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Nanopharmaceuticals For Eye Administration: Sterilization, Depyrogenation And Clinical Applications

Aleksandra Zielińska, Beatriz B. Soles, Ana R. Lopes, Beatriz F. Vaz, Camila M. Rodrigues, Thais F. R. Alves, Dorota Klensporf-Pawlik, Alessandra Durazzo, Massimo Lucarini, Patricia Severino, Antonello Santini, Marco V. Chaud, Eliana B. Souto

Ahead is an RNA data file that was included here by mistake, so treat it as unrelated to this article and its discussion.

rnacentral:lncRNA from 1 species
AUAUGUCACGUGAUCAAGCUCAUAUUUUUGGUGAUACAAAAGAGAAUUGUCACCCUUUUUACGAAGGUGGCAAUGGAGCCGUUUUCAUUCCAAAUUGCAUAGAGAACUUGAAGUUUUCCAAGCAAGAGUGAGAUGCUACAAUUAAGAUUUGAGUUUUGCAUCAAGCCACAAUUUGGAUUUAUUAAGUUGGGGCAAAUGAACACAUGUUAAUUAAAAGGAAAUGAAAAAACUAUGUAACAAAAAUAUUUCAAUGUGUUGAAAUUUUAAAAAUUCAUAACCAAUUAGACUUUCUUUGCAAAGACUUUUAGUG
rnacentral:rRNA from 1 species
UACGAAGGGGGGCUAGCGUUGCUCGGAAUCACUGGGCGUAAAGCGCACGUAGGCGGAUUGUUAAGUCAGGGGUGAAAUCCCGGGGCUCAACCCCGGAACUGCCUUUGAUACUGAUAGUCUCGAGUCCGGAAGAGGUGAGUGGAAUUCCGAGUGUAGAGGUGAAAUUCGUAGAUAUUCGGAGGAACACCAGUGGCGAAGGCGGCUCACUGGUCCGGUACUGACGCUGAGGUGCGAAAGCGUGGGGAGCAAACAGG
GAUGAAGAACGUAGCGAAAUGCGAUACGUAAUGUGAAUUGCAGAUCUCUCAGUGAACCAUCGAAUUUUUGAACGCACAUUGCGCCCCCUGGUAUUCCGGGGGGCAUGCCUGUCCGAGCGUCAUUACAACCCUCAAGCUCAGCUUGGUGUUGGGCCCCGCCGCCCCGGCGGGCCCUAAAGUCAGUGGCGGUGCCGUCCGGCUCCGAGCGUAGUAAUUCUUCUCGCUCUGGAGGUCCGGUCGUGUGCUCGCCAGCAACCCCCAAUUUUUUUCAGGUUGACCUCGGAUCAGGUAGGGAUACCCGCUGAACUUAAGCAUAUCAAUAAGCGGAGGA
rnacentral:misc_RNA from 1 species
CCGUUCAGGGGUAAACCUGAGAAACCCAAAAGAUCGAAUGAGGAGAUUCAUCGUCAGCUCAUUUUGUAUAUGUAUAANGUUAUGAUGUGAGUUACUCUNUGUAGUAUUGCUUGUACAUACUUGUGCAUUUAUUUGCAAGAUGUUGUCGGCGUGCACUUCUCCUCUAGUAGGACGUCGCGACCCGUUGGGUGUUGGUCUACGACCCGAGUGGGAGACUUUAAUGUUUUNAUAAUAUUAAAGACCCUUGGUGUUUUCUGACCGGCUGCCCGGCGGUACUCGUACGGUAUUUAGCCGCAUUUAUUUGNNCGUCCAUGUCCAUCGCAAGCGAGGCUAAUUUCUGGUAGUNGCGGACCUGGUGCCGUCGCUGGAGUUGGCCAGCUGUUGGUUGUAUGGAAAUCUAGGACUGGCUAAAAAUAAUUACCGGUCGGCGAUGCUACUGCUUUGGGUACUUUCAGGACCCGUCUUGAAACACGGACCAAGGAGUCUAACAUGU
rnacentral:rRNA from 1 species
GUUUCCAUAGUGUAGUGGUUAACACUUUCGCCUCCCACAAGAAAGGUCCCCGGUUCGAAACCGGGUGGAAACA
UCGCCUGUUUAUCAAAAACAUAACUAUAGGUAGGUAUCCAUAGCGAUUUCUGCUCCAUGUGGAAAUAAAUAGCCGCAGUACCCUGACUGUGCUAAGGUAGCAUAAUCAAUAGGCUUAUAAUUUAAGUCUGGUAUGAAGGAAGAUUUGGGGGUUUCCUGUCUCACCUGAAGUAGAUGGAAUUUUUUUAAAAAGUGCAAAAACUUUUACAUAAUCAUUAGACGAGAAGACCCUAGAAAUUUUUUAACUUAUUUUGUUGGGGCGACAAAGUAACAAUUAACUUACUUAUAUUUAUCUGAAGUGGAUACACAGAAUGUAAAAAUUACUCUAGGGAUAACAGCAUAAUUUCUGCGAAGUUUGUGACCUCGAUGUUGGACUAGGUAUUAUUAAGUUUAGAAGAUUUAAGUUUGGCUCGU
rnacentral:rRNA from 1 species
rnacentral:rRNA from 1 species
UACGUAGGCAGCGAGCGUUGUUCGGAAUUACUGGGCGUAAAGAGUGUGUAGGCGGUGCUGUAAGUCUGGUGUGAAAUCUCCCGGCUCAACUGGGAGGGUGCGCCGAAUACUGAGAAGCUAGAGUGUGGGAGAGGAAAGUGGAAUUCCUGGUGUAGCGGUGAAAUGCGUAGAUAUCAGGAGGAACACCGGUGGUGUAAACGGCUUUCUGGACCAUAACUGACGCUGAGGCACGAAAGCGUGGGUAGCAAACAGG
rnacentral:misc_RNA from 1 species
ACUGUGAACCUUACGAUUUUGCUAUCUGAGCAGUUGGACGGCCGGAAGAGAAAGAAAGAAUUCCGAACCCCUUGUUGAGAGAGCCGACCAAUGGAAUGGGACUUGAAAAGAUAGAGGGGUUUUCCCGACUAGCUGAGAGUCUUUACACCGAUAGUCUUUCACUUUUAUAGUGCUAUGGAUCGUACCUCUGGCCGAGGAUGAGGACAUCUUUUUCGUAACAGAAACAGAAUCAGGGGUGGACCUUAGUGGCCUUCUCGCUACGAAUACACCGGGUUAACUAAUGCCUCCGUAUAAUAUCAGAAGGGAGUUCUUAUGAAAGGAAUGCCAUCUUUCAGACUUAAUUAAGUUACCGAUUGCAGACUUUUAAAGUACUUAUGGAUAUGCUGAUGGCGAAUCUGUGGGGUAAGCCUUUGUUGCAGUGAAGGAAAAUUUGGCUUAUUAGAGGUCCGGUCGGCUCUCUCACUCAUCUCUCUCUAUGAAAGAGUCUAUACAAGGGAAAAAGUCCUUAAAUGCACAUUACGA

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As an immune-privileged target organ, the eyes have important superficial and internal barriers, protecting them from physical and chemical damage from exogenous and/or endogenous origins that would cause injury to visual acuity or even vision loss. These anatomic, physiological and histologic barriers are thus a challenge for drug access and entry into the eye. Novel therapeutic concepts are highly desirable for eye treatment. The design of an efficient ocular drug delivery system still remains a challenge. Although nanotechnology may offer the ability to detect and treat eye diseases, successful treatment approaches are still in demand. The growing interest in nanopharmaceuticals offers the opportunity to improve ophthalmic treatments. Besides their size, which needs to be critically monitored, nanopharmaceuticals for ophthalmic applications have to be produced under sterilized conditions. In this work, we have revised the different sterilization and depyrogenation methods for ophthalmic nanopharmaceuticals with their merits and drawbacks. The paper also describes clinical sterilization of drugs and the outcomes of inappropriate practices, while recent applications of nanopharmaceuticals for ocular drug delivery are also addressed.